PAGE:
50 grams of cream

2 tablespoons of sugar

3 spoons of lemon juice

Salt and pepper

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Mix cream with sour cream, sugar and lemon juice. Season with salt and pepper.


Because it has a fruity note, this dressing pairs best with lamb’s lettuce, endive, oak leaves, or frisee lettuce. Perfect not only in spring, but also with winter salads.
(for 4 people)

Salt and pepper

1 juicy orange

2 tablespoons of mustard

4 spoons of oil

1 medium onion

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Squeeze the orange and mix with mustard, salt, pepper and oil. Mustard is a must as it makes the dressing creamy. Add finely chopped onion and fold everything with lettuce before serving.


The mild-sweet dressing pairs well with a special salad or frise salad, as well as lamb salad or rocket. Depending on your taste, it’s best to roast some seeds or nuts like pumpkin seeds, sesame, cashews or similar.

2 tablespoons of mild fruit vinegar

one and a half teaspoons of honey

1 teaspoon of medium hot mustard

a pinch of salt, ground pepper

4-5 tablespoons of sunflower oil

about 2 teaspoons of apricot jam

1 teaspoon mild curry powder

20 g of nuts or seeds

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Mix vinegar, honey and mustard and season with salt and pepper. Stir in the butter in a thin stream until slightly combined.Stir in the jam and curry. More flavor. Toast the nuts or seeds in a pan. Drizzle the vinaigrette over the salad, drizzle over the seeds, and serve immediately.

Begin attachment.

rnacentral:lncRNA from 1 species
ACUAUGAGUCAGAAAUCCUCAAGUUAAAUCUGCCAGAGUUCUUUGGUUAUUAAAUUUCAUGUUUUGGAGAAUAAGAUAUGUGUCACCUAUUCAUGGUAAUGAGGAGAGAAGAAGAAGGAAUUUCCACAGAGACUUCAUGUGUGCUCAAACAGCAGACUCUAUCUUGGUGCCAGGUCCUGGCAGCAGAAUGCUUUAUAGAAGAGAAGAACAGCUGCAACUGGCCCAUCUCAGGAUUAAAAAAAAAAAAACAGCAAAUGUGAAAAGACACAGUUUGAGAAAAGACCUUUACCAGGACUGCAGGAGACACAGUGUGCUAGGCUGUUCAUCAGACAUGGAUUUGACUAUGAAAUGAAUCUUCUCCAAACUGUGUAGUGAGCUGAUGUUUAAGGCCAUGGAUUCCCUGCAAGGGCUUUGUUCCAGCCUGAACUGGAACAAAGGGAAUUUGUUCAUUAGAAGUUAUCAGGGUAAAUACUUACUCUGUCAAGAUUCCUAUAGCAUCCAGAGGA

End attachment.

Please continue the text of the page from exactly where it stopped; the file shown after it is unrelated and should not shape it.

These two recipes are from a great picture book about salads. New Zealand chef, TV chef and producer Peter Gordon interprets salad very generously. For him, it’s not about leafy greens and vegetables, it’s about the meat, fish and cheese that turn vegetables into delicious food. There are both sweet and spicy options.

Honey mustard dressing

1 ½ tablespoons of runny honey

2 tablespoons of grain mustard

1 tablespoon hot English mustard

2 tablespoons of lemon juice

100 ml cold-pressed rapeseed oil (or sunflower or olive oil)

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Mix the honey with the mustard, then the lemon juice and finally the oil. You don’t need salt here, but it’s good to try the salt and decide for yourself. In addition to leafy salads, it goes well with ham, potatoes, green beans, soft-boiled eggs or salad. with salmon, watercress, cherry tomatoes and pumpkin seeds. It will keep in the fridge for about two weeks.

Chia Ginger Honey Lime Topping

1 tablespoon of chia seeds

3 tablespoons lime juice

1 tablespoon finely chopped or grated ginger

1 tablespoon liquid honey (or agave syrup or palm sugar)

150 ml of sunflower oil

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Soak chia seeds in a small bowl with 4 tablespoons of water for 15 minutes. Add all other ingredients and 1/4 teaspoon salt and blend on high for 30 seconds. Season with a little lime juice or salt, if desired. Serves well with leafy salads, cucumbers and tomatoes, or warm potato salad, as well as with tofu or cold roast chicken. It will keep in the refrigerator for five days.

“Lettuce Feelings”. Peter Gordon / Lisa Linder, Knesebeck 2015, 272 pages, €29.95
© Knesebeck / promo

More salad information and three recipes that even salad haters will love can be found here.